Green diesel: New process makes fuel from plants

Jun 03, 2005
Green diesel: New process makes fuel from plants

College of Engineering researchers have discovered a new way to make a diesel-like liquid fuel from carbohydrates commonly found in plants.
Reporting in the June 3 issue of the Journal Science, Steenbock Professor James Dumesic and colleagues detail a four-phase catalytic reactor in which corn and other biomass-derived carbohydrates can be converted to sulfur-free liquid alkanes resulting in an ideal additive for diesel transportation fuel. Co-researchers include chemical and biological engineering graduate students George Huber, Juben Chheda and Chris Barrett.

Image: Catalytic processing

"It's a very efficient process," says Huber. "The fuel produced contains 90 percent of the energy found in the carbohydrate and hydrogen feed. If you look at a carbohydrate source such as corn, our new process has the potential to create twice the energy as is created in using corn to make ethanol."

About 67 percent of the energy required to make ethanol is consumed in fermenting and distilling corn. As a result, ethanol production creates 1.1 units of energy for every unit of energy consumed. In the UW-Madison process, the desired alkanes spontaneously separate from water. No additional heating or distillation is required. The result is the creation of 2.2 units of energy for every unit of energy consumed in energy production.

"The fuel we're making stores a considerable amount of hydrogen," says Dumesic. "Each molecule of hydrogen is used to convert each carbon atom in the carbohydrate reactant to an alkane. It's a very high yield. We don't lose a lot of carbon. The carbon acts as an effective energy carrier for transportation vehicles. It's not unlike the way our own bodies use carbohydrates to store energy."

About 75 percent of the dry weight of herbaceous and woody biomass is comprised of carbohydrates. Because the UW-Madison process works with a range of carbohydrates, a wide range of plants, and more parts of the plant, can be consumed to make fuel.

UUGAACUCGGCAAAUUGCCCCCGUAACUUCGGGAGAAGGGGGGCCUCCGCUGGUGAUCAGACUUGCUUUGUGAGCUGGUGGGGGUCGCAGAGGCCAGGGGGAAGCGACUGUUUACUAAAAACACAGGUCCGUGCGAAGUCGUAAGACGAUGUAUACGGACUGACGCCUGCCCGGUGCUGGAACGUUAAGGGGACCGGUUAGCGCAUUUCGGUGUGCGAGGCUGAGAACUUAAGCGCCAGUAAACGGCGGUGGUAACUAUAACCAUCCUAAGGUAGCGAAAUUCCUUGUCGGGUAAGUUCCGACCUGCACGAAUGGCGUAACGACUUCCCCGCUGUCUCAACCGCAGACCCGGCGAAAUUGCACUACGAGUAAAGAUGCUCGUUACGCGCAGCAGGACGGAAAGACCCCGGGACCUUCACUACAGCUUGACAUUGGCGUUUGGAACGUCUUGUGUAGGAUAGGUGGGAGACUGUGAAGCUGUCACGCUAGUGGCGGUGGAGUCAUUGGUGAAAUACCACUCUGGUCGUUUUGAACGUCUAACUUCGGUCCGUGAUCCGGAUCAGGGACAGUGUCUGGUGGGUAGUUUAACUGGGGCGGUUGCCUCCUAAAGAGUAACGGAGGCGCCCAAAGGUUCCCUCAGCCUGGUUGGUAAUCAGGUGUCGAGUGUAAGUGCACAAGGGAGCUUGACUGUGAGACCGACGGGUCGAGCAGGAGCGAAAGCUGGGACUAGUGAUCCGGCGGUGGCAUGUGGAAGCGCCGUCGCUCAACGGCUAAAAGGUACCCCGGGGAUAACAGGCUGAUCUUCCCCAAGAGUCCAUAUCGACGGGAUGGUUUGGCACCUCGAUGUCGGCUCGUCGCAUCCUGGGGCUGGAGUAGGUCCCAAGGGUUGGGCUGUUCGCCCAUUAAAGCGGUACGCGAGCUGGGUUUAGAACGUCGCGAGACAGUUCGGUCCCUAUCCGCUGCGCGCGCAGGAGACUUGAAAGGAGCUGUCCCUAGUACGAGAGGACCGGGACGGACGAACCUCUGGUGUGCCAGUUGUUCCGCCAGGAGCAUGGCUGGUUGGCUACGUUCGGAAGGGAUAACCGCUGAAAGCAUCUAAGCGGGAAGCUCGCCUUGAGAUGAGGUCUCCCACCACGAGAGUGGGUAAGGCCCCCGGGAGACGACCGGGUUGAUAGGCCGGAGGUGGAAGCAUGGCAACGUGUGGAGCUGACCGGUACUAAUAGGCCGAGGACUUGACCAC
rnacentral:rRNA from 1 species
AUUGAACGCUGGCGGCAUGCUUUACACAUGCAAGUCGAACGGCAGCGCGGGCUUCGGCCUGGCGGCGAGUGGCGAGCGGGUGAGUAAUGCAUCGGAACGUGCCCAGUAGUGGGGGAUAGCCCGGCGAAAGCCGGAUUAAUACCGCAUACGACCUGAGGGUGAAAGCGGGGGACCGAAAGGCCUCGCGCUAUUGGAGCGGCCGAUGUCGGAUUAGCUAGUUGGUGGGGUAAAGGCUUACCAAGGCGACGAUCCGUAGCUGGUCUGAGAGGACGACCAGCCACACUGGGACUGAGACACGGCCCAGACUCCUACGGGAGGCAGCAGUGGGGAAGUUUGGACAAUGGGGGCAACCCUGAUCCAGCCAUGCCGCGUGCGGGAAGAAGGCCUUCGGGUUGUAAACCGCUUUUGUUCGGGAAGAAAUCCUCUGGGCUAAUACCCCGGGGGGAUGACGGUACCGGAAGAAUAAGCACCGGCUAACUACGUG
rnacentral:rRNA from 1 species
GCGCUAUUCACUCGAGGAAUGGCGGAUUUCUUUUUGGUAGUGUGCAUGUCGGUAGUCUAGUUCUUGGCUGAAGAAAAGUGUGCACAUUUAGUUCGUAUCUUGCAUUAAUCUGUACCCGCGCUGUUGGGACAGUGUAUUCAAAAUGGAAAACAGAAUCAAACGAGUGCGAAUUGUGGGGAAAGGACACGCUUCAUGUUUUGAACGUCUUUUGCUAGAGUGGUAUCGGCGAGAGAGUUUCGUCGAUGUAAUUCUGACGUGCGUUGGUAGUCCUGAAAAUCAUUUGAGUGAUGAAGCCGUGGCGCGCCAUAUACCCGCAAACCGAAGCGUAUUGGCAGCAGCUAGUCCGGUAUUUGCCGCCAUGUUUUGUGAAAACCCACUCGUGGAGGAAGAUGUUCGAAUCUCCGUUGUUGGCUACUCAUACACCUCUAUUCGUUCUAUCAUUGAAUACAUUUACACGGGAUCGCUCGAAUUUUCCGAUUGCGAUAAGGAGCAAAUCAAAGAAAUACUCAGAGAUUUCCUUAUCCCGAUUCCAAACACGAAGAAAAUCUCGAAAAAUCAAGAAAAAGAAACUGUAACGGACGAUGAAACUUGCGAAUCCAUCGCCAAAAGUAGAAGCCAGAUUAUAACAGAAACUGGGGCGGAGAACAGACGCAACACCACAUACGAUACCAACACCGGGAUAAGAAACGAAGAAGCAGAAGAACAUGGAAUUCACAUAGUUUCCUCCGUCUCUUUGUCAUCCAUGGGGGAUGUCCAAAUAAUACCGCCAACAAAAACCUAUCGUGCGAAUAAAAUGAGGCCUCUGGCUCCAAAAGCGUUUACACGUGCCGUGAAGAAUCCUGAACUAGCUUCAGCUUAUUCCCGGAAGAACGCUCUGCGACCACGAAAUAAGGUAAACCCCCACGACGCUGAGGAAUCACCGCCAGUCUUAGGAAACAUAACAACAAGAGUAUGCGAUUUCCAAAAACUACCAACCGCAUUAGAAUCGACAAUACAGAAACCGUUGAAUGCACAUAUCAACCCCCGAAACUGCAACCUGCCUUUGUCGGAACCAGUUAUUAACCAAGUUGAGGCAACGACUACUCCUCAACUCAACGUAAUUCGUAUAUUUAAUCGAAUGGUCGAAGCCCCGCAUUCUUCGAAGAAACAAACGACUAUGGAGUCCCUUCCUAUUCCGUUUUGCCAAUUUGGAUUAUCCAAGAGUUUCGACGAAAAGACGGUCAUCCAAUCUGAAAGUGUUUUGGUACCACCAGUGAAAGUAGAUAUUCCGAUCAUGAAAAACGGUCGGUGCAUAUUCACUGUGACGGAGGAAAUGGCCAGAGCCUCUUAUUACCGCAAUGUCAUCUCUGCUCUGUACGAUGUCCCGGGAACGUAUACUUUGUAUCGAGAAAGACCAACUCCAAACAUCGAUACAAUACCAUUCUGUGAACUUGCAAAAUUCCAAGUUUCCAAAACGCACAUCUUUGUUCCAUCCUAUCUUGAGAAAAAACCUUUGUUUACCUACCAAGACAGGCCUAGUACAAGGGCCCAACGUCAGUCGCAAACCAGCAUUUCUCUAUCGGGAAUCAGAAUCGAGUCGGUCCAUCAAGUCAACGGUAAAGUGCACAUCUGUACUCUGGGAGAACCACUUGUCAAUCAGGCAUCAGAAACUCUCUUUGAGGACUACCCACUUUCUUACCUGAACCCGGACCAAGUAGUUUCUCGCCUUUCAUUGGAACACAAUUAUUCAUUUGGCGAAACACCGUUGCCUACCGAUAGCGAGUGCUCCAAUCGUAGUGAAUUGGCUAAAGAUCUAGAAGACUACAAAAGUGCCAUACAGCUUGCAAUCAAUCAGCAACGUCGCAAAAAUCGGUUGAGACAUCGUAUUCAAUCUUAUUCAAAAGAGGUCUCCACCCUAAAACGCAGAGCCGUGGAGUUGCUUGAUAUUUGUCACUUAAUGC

"The current delivered cost of biomass is comparable or even cheaper than petroleum-based feedstock on an energy basis," Huber says. "This is one step in figuring out how to efficiently use our biomass resources."

Source: University of Wisconsin

Explore further: How much do we really know about privacy on Facebook?

add to favorites email to friend print save as pdf

Related Stories

New insight into photosynthesis

May 27, 2014

The way that algae and plants respond to light has been reinterpreted based on results from experiments studying real-time structural changes in green algae. Under particular lighting conditions during photosynthesis, ...

Defining function from "genomic dark matter"

May 20, 2014

Functional annotation allowed researchers to identify biomass-degrading enzymes in the 35 percent of genes in a genome that are considered "genomic dark matter."

Recommended for you

Ahead of Emmys, Netflix already winning online

1 hour ago

Even if it doesn't take home any of the major trophies at Monday's Emmy Awards, Netflix will have already proven itself the top winner in one regard: Internet programming.

US warns shops to watch for customer data hacking

1 hour ago

The US Department of Homeland Security on Friday warned businesses to watch for hackers targeting customer data with malicious computer code like that used against retail giant Target.

Official says hackers hit up to 25,000 US workers

2 hours ago

The internal records of as many as 25,000 Homeland Security Department employees were exposed during a recent computer break-in at a federal contractor that handles security clearances, an agency official said Friday.

Oregon sues Oracle over failed health care website

12 hours ago

Oregon Attorney General Ellen Rosenblum says she's filed a lawsuit against Oracle Corp. and several of its executives over the technology company's role in the state's troubled health insurance exchange.

Google buys product design firm Gecko

12 hours ago

Google on Friday confirmed that it bought Gecko Design to bolster its lab devoted to technology-advancing projects such as self-driving cars and Internet-linked Glass eyewear.

User comments : 0